Charles Fox, Jr.
Love, Happiness, Anxiety, & Insanity: A Black Man's Journey to Engagement
"I never thought myself the kind of guy, the kind of man that would ever want to settle down. Statistics say it's crazy, passion won't survive, but something says naw, deep down, deep down inside."
Maxwell crooned that on his 1996 track: "Suitelady (The Proposal Jam)." Nineteen years later, I have decided to take that step myself. It was a long journey that began nearly six years ago. While I am in no position to offer up much sage advice about engagement, commitment, and marriage, I can speak to my own personal journey towards this moment in my life. When does a man determine that he's "ready" to get engaged? That's a million dollar question with the possibility of as many answers as there are men on Earth. What one comes to realize is that there really is no definitive moment when you look at your significant other and say, "yep, I'm ready now." You don't catch her doing her hair in the mirror while Prince's classic "Adore" plays on an infinite loop in your head, eyes meet, birds chirp, Angels sing." Nope. That only happens in fairy tales and B-grade romantic comedies.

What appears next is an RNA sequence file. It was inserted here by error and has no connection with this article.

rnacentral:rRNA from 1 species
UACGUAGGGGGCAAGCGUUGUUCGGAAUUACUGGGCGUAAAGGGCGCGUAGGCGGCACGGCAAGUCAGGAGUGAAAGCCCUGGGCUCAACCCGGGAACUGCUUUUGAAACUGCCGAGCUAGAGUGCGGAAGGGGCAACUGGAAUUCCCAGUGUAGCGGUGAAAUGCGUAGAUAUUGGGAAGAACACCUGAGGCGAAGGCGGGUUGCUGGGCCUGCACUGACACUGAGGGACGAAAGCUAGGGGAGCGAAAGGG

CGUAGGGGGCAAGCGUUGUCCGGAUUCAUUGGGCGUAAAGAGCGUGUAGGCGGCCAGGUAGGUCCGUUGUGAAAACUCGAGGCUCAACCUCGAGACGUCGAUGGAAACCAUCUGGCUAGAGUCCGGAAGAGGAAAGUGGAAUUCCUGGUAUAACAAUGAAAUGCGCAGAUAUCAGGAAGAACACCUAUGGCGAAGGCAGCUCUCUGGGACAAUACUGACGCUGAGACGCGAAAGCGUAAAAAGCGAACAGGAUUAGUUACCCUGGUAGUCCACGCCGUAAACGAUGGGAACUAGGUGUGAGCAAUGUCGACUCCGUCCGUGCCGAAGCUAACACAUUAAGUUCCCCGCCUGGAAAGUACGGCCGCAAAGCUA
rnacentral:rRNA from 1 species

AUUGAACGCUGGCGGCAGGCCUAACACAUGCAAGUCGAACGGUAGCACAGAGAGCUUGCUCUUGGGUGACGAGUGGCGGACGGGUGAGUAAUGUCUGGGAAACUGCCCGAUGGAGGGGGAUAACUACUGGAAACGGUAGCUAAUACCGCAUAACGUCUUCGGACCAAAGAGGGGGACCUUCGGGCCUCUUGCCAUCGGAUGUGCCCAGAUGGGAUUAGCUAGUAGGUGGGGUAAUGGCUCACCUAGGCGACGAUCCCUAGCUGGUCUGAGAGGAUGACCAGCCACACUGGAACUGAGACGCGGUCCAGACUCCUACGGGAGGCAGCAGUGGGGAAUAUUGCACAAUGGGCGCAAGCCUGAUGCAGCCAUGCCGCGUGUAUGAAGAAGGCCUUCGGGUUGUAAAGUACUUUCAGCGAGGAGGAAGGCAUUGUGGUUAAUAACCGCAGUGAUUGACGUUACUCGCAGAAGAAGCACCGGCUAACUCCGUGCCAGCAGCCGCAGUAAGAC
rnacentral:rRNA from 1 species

In reality, you're more likely to come to the conclusion that you want to spend the rest of your life with someone while the two of you are doing something hopelessly mundane and routine. You may be simply walking through the store holding hands and a feeling comes over you. "I can't imagine my life without this person." How ever a man (or woman) comes to the conclusion to pop the question, no amount of inquiries from friends and acquaintances is going to make a man decide that he's ready to fully commit to another human being. Marriage and life partnership is far too serious a pledge to take lightly or to let be influenced by the opining of others. When a man is ready, he's ready. Period.
Now I know that some women aren't really trying to hear that. You feel that your significant other is dragging his feet and holding up your progression in life. I hear you, I do. All I can say is that you have to make a decision based on what is best for you and your life with respect to how long you are willing to wait for a man to fully commit to you. It should be less about receiving a fancy, shiny ring and more about receiving truthful commitment from your partner that the two of you are indeed in it together, forever. The ring is merely a symbol. Whether a gentleman spends five hundred or five hundred thousand dollars on it, what is most important is the promise that the ring symbolizes. "I love, cherish, and honor you. I would like to be your partner for the rest of my life as we build a family together."